“I Finally Took the Challenge,” Liahona, Sept. 2009, 46
“How are you coming on reading the Book of Mormon?” the bishop asked our family during tithing settlement in 2005.
We had just finished talking about my many responsibilities at church and at home with two toddler boys. I stammered something about how hard it was to read a whole chapter every day, but in my heart I knew I was making excuses. The simple fact was that though I had done many good things the past few months, I had not attempted to read the Book of Mormon from cover to cover as President Gordon B. Hinckley had challenged.1
As the new year began, the Spirit pricked my soul. I felt like the leper Naaman, who at first refused to undertake the simple task of washing himself in the waters of Jordan, as requested by the prophet Elisha (see 2 Kings 5:1–14). Reading the Book of Mormon is also a simple task.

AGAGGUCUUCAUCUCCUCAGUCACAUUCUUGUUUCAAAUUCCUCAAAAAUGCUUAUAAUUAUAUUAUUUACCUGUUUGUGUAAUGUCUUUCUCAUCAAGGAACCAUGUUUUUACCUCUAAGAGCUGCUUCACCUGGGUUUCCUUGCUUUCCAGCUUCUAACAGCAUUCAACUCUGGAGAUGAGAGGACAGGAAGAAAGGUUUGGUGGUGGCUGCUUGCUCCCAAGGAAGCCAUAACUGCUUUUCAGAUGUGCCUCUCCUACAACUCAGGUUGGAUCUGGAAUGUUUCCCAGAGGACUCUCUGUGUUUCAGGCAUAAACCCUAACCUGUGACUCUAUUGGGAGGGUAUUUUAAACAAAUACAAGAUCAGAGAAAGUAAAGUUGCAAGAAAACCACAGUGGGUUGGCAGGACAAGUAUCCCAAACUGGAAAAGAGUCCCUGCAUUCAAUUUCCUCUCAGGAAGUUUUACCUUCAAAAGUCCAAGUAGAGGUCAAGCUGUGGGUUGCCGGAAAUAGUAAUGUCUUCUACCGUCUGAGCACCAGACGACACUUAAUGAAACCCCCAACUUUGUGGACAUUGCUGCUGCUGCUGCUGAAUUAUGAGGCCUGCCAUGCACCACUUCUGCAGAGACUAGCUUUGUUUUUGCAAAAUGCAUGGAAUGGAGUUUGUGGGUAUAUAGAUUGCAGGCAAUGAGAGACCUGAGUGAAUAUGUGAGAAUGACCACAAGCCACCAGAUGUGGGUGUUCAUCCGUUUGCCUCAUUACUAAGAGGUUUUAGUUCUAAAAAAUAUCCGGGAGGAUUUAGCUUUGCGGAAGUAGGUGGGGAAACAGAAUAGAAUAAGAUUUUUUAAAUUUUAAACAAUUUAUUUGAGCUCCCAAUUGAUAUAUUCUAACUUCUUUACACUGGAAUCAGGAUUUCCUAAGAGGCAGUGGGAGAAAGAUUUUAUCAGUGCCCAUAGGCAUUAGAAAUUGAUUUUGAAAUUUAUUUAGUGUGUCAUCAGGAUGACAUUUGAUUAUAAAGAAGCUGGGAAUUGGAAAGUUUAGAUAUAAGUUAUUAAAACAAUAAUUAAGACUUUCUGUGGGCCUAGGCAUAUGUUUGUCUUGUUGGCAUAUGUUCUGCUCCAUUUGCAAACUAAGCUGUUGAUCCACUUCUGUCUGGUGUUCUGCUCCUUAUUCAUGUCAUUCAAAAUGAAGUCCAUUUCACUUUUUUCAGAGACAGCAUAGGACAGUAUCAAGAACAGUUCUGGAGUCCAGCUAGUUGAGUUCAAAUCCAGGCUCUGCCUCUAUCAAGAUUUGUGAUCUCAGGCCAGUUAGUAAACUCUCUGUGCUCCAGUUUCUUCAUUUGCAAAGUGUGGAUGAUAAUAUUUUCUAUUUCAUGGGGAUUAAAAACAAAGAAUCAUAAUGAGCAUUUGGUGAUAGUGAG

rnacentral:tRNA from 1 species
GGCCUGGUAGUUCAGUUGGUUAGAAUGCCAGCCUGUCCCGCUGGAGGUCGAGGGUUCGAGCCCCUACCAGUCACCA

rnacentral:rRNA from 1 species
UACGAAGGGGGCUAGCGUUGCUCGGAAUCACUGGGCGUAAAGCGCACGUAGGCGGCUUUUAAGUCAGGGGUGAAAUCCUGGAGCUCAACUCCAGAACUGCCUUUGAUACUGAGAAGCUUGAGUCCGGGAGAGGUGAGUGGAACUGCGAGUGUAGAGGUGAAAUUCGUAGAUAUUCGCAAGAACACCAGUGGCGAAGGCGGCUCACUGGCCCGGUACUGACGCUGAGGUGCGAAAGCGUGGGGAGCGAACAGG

The next fast Sunday, several brothers and sisters bore testimony of how the prophet’s promises were realized in their lives. I knew I had missed out on those blessings because I had not listened to his voice. I resolved to read the Book of Mormon from cover to cover in 2006—and the next year and the next year—so that, like President Hinckley, I could gain a love for it.
As the year drew to a close, I reflected on my goal, knowing that I would finish the book by the end of the year. I realized that I had gained insights that I could not have gained from any other source. I had grown closer to my Heavenly Father and my Savior. I had found more opportunities to share the gospel throughout the year because I had read the Book of Mormon and could testify of its truthfulness.
I wish I had taken President Hinckley’s challenge in 2005. Just like Naaman, who finally washed himself in the waters of Jordan, I could have enjoyed the blessings of the Book of Mormon much sooner than I did.
I am grateful that I have learned the importance of taking even simple challenges from the prophet. I look forward to a new year full of blessings from reading the Book of Mormon—again.